Broken Sony TA-N330ES (2SC2921 Transistor) - diyAudio
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Old 29th May 2010, 10:20 PM   #1
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Default Broken Sony TA-N330ES (2SC2921 Transistor)

Well, I can't say that I know much of anything about High end stereo amplifiers or electronics, but I am trying to get into it a little and started off with a used amp for my home set up. I purchaced this amp for $125 at a yard sale, knowing that it was mid to early 90's but that it would be much better than any new equipment that I could afford. Unfortunately it does not work, the protect light is on. I had looked over the boards and caps before I purchaced it and all looked very good, but I missed a burnt out transistor. (2SC2921) I don't see anything else that is damaged so I am planning on ordering this transistor and replacing it. Is it common for these transistors to fail and not damage anything else? Also I need to make sure that this is the same transistor as what I have. Mine is labeled
Sanken 2SC2921 with 19f below that line. The one I am looking to purchace is labeled 2SC2921 with an 82p below that line : Sanken Sanken Transistor Mt200 160v 15A 150w BCE | SANKEN | Sanken

I don't know what the 19f or 82p mean...

Hopefully I can get this amplifier back up and running.

Thanks, Neil
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Old 30th May 2010, 12:49 AM   #2
ilimzn is offline ilimzn  Croatia
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Rhis is one of a pair (or multiple pairs) of output transistor(s), a NPN part. It's complementary sounterpart is the 2SA1215 if memory serves me right.
When one in a complementary pair fails, it is almost certain the other is also damaged even though it might test good using the usual simple transistor test.
Things to check:
1) There is usually a small value (fraction of an ohm) large size (2-5W) resistor connected between the emitter and the output of the amp (prior to the protection relay). Check that it is not open on all output transistors in that channel.
2) There is usually a small value low wattage (few ohms) resistor in the base circuit. Check that it is not open on all output transistors in that channel.
3) Check driver transistors (usually one pair of smaller types in TO220 case, possibly mounted on small separate heatsinks)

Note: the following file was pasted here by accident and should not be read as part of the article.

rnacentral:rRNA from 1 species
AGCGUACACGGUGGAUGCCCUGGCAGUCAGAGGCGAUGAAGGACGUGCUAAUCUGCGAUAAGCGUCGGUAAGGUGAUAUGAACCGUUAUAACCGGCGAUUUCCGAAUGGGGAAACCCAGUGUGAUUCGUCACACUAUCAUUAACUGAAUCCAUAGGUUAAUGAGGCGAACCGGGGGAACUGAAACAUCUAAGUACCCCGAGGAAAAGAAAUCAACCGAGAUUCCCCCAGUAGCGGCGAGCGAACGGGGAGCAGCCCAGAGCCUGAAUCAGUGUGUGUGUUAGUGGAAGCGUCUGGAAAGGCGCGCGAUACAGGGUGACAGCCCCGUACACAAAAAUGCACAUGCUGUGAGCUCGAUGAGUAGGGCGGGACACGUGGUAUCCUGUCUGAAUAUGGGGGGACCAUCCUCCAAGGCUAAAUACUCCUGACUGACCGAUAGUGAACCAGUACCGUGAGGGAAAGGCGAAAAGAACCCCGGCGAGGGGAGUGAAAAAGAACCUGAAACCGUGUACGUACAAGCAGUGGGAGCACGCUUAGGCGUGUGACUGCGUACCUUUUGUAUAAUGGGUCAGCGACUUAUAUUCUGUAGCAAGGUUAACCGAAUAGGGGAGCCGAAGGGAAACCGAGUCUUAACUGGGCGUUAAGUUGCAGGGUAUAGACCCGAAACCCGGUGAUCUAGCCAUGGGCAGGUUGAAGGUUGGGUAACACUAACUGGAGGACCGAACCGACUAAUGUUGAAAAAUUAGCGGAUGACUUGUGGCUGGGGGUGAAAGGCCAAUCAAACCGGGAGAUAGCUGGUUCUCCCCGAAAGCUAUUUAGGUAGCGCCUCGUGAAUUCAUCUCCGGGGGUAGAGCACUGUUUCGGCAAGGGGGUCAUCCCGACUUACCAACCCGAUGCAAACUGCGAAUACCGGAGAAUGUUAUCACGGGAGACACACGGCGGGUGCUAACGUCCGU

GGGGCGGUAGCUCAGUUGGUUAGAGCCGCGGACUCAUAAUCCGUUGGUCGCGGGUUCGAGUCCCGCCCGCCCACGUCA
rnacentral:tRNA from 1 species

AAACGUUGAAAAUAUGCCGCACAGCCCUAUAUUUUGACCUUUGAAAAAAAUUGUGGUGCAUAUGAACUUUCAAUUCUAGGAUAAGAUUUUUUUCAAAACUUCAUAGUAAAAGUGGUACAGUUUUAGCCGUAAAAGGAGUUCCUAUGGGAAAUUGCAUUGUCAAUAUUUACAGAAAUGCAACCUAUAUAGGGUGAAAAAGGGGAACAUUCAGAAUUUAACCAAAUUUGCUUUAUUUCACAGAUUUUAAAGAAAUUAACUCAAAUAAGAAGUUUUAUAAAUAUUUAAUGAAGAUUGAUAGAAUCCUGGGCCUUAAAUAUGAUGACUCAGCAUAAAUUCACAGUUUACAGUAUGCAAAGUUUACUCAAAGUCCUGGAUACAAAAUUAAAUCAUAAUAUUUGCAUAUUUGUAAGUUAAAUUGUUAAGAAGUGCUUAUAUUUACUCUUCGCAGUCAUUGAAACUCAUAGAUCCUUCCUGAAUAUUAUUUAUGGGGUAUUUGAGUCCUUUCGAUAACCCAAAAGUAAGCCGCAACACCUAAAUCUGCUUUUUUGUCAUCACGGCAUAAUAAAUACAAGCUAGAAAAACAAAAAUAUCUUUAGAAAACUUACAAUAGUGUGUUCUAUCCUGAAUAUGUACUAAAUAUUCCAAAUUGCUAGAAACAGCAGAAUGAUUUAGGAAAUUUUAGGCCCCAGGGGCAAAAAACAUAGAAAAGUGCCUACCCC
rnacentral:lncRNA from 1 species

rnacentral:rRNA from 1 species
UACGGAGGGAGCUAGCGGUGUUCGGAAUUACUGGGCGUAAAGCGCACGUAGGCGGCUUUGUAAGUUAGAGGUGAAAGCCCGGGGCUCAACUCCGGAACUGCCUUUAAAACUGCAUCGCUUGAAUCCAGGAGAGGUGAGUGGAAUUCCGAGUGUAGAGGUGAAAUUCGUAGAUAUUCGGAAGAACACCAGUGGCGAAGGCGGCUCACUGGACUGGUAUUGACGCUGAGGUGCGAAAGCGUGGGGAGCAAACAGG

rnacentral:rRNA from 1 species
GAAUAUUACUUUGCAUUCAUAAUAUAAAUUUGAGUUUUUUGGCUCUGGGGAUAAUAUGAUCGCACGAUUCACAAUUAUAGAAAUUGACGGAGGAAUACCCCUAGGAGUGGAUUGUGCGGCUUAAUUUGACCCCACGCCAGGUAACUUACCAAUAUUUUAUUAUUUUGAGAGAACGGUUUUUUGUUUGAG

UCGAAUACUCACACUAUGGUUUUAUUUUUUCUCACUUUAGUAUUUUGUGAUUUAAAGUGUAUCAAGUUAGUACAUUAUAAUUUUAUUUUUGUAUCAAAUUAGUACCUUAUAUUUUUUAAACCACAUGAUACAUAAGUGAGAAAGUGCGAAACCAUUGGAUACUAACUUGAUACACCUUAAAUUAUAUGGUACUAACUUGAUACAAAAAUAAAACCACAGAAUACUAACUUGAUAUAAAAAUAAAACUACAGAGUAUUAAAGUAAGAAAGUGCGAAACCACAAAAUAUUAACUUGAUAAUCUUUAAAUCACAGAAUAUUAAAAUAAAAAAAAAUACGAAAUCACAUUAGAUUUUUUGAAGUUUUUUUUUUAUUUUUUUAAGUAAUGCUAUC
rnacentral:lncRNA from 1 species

The usual procedure to do this right is to prevejtively replace the emitter resistors, all output transistors in the channel, and the driver transistors, also base stopper resistors if present. It sounds like an unreasonable investment if only one transistor seems to have failed, but it saves you multiple repairs and associated possibility of PCB and mechanical damage, as the whole output circuit operates in concert, so if one transistor has gone dead (which is always due to some kind of abuse), the other parts have been abused as well. It's only that the one that failed managed to fail completely before the others did. If you leave them in there, expect sudden 'inexplicable' failures and the very real possibility of further parts failing due to operation outside of the normal conditions during repeated failures.

One more thing - buy parts from reputable suppliers. These transistors are very often faked and the fakes are either complete rubbish and will go up in smoke taking other parts with them immediately or shortly after turn-on, or are not up to spec, so even if you get an operating amplifier, it's performance will not be as designed and intended.
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Old 30th May 2010, 01:52 AM   #3
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Transistors rarely go for no reason.

Could have been a short on the output.
Possibly a bias problem causing the output transistors to short out the power supplies.

What I do with blown output transistors is remove the lot and wire the VAS output back into the LTP. Then I power up the amp (without a speaker) and see what bias voltage and DC offset I am getting.

Only when I am satisfied the driver stage is OK do I consider putting output transistors back in, even then I only put one pair in to start with.

This strategy has saved a lot of heartache with repeat blown output transistors,
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Old 30th May 2010, 03:07 AM   #4
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Nigel, I have heard of this technique before but it is a very unspecific instruction, to the inexperienced, to say "wire the VAS back to the Long Tailed Pair".
I for one (and I expect qtoche) would appreciate a little flesh on the bones of where on the LTP this point might be and with what, if any additional components or precautions.
In ignorance but with respect,
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